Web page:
Difference between Chinese Buddhism and Tibetan Buddhism
Buddhism is a way of life and a religious tradition for millions. It turns our sights to our inner world and through vehicles such as meditation, teaches followers how to develop themselves spiritually. Achieving an ultimate state of awareness is necessary in order to become kind and acquire wisdom. Buddhism does not believe in worshipping a creator god but it is pretty practical and straightforward. It is a bit like a chain-reaction, where every single action has a consequence. If one follows the teachings of Gautama Buddha, one can enter into the state of Buddha themselves. Buddha was born in India, in the area now known as Nepal and he traveled in his lifetime teaching to those in the Ganges plains – along the edge of the Himalayas.
Introduction to Buddhism
Buddhism is a guide to behave, be responsible, be honest and doing this all with a mind of peace, harmony, compassion, and sharing. Buddhism is the opposite of conservatism and does not wish to force other people into believing and relies on oneself to obtain a higher state of awareness and the capacity to truly understand the nature of things. People are the focus point instead of the traditional belief that we worship and give our lives over to a creator.
Buddhism was translated into Chinese centuries ago. Fact is, the Chinese began suppressing it as early as 213B.C. The original translations were performed by Indian wise men who understood the terminology of the Taoists and translated teachings in terms understood by the Chinese. Mahayana teachings were quite popular but eventually gave way to Theravada schools. Ultimately in 845A.D. during the Tang Dynasty, suppression of Buddhism came down hard because Chinese rulers viewed Buddhists as withdrawn from society, lacking in Confucius inspired family influenced values, as tax evaders, and far too powerful in their reach into the minds of its citizenry. Buddhism never fully recovered. Today Theraveda Buddhism is practiced by ethnic minorities in Northern China.
Tibetan Buddhism is also based on the teachings of Siddhartha Gautama Buddha but became very popular during the 7th century under the rulership of King Gampo. Indian sage Guru Rinpoche is credited with translating many important texts for the Tibetans and for creating numerous tertons – or texts to be found in the future when the time is right to know certain truths. Two notable characteristics of Tibetan Buddhism are critical skepticism and devotion to the Guru. Due to the open skeptical aspect of Buddhism, Mao’s socialist idealism was determined to destroy followers of Buddhist teachings in China. Tibetans also are credited with altering Buddhist practices in several ways including the establishment of several schools of thought, detailing Mahayana practices and the establishing the practice of reincarnating lamas.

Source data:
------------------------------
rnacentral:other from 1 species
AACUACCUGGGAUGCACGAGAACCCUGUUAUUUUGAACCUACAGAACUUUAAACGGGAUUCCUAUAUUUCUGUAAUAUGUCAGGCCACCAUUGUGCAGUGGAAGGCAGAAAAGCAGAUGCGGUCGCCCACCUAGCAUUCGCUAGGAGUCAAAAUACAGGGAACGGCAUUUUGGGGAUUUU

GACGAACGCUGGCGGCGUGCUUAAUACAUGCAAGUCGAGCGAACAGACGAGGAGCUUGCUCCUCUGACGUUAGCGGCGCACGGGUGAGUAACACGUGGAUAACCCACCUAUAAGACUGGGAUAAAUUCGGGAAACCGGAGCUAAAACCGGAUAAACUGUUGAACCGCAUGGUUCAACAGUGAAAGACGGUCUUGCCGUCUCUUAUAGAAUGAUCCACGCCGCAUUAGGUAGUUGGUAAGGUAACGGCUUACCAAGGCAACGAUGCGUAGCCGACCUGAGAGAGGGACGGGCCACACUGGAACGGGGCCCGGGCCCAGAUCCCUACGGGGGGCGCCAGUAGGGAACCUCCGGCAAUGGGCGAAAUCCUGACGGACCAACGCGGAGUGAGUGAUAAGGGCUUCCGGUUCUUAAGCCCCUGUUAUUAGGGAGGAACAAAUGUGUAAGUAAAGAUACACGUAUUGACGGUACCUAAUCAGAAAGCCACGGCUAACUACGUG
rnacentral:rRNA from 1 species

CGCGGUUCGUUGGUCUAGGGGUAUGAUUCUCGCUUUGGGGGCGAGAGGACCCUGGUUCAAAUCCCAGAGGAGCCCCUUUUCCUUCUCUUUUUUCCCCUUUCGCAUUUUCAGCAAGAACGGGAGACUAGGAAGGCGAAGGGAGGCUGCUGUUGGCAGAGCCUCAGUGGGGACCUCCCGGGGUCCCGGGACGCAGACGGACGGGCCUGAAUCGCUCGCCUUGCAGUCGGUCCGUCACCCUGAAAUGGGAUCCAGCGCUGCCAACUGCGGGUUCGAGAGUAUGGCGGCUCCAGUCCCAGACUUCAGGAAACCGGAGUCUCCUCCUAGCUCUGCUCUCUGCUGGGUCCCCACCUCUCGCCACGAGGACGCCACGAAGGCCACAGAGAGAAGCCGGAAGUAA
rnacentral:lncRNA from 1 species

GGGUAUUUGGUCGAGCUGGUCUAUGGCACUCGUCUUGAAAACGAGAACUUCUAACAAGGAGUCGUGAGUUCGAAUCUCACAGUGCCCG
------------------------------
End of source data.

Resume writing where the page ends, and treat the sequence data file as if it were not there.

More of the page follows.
The Four Noble Truths
The fundamentals of Buddhism in China relies on the 4 noble truths; First Truth, sickness, aging, injuries, anger, frustration, anxiety, loneliness and death are just one of the many aspects of life when suffering physically and mentally; Second Truth, craving causes these sufferings and people who are selfish and greedy will eventually be unhappy and cause sickness; Third Truth, the truth relies on avoiding all of these sufferings if one gives up the greediness and prepares to endure life without it and eventually happiness will eventually be obtained; Fourth Truth, the eightfold path is the way to overcome these sicknesses and involves, Perfect Concentration, Perfect Mindfulness, Perfect Effort, Perfect Livelihood, Perfect Action, Perfect Speech, Perfect Though, and Perfect Understanding.
China and Tibet
The Buddhism practiced in northern China is known as Theravada Buddhism and is based on the original teachings of the Gautama Buddha. It focuses on the personal enlightenment. Tibetan Buddhism is known as Mahayana Buddhism and focuses on bringing enlightenment to all sentient beings on the Earth. It recognizes that all humans are one family and enlightenment is the ultimate goal for our race.
- There are over 400 million people who follow Buddhism world wide
- Buddhism relies on the 4 Noble Truths
- Buddhism is a path to self-awareness and enlightenment
- Buddhism ultimately releases the pain and suffering by following the 8 fold path
- Chinese and Tibetan Buddhism are not the same